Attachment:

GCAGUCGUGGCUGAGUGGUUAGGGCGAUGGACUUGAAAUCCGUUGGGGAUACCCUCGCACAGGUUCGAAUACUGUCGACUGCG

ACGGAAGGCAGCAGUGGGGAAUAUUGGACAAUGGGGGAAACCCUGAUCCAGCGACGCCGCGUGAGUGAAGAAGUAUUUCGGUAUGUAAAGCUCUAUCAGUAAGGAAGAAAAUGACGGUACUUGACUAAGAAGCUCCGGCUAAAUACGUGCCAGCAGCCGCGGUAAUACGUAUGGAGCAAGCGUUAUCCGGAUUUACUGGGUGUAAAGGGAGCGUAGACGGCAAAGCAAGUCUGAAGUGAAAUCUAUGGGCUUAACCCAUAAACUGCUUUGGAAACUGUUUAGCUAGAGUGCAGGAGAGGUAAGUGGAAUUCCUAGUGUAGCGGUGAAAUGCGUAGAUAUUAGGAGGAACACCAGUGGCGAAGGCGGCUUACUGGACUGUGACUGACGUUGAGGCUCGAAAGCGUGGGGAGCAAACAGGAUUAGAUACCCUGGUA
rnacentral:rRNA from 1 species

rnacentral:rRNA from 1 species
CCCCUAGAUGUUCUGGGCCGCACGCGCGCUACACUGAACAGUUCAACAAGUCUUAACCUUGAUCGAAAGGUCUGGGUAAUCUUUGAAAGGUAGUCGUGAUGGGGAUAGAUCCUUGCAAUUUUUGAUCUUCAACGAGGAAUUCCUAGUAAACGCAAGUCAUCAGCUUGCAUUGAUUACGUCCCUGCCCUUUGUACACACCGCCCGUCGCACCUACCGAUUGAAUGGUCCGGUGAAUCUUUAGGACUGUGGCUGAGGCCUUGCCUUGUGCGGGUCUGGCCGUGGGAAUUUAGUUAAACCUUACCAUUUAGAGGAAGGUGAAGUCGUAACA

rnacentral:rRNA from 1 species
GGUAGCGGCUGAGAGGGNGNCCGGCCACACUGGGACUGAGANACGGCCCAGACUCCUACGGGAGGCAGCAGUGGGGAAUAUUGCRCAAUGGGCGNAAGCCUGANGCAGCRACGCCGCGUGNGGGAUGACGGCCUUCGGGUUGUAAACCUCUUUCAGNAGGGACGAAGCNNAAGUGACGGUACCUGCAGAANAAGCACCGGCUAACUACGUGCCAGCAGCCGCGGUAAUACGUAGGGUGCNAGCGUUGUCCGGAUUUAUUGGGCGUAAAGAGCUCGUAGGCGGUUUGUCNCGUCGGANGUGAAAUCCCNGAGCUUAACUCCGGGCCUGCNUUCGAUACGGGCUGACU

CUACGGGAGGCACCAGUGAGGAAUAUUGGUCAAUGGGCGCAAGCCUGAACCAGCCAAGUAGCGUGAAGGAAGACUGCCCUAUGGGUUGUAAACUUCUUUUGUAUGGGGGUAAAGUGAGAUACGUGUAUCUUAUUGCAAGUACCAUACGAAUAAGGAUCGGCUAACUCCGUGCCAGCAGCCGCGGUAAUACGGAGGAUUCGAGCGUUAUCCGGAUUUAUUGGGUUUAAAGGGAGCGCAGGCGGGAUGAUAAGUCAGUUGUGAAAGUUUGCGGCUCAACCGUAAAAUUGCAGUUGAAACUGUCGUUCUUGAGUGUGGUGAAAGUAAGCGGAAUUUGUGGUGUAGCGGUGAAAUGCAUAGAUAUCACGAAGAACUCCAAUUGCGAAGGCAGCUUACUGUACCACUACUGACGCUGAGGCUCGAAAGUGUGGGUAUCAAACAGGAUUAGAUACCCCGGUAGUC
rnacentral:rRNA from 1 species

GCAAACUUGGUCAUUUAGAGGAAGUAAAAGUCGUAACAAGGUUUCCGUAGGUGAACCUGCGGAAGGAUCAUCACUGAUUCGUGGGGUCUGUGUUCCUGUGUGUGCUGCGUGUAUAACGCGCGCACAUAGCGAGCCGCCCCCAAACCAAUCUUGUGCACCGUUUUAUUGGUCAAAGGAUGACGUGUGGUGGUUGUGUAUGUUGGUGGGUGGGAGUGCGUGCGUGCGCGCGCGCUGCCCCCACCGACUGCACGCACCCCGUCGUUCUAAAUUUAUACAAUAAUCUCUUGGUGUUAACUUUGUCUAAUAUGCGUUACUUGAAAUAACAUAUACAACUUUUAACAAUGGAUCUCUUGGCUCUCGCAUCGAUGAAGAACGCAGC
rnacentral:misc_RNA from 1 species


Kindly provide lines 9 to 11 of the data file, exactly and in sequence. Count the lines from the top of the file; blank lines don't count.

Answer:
rnacentral:rRNA from 1 species

GCAAACUUGGUCAUUUAGAGGAAGUAAAAGUCGUAACAAGGUUUCCGUAGGUGAACCUGCGGAAGGAUCAUCACUGAUUCGUGGGGUCUGUGUUCCUGUGUGUGCUGCGUGUAUAACGCGCGCACAUAGCGAGCCGCCCCCAAACCAAUCUUGUGCACCGUUUUAUUGGUCAAAGGAUGACGUGUGGUGGUUGUGUAUGUUGGUGGGUGGGAGUGCGUGCGUGCGCGCGCGCUGCCCCCACCGACUGCACGCACCCCGUCGUUCUAAAUUUAUACAAUAAUCUCUUGGUGUUAACUUUGUCUAAUAUGCGUUACUUGAAAUAACAUAUACAACUUUUAACAAUGGAUCUCUUGGCUCUCGCAUCGAUGAAGAACGCAGC
rnacentral:misc_RNA from 1 species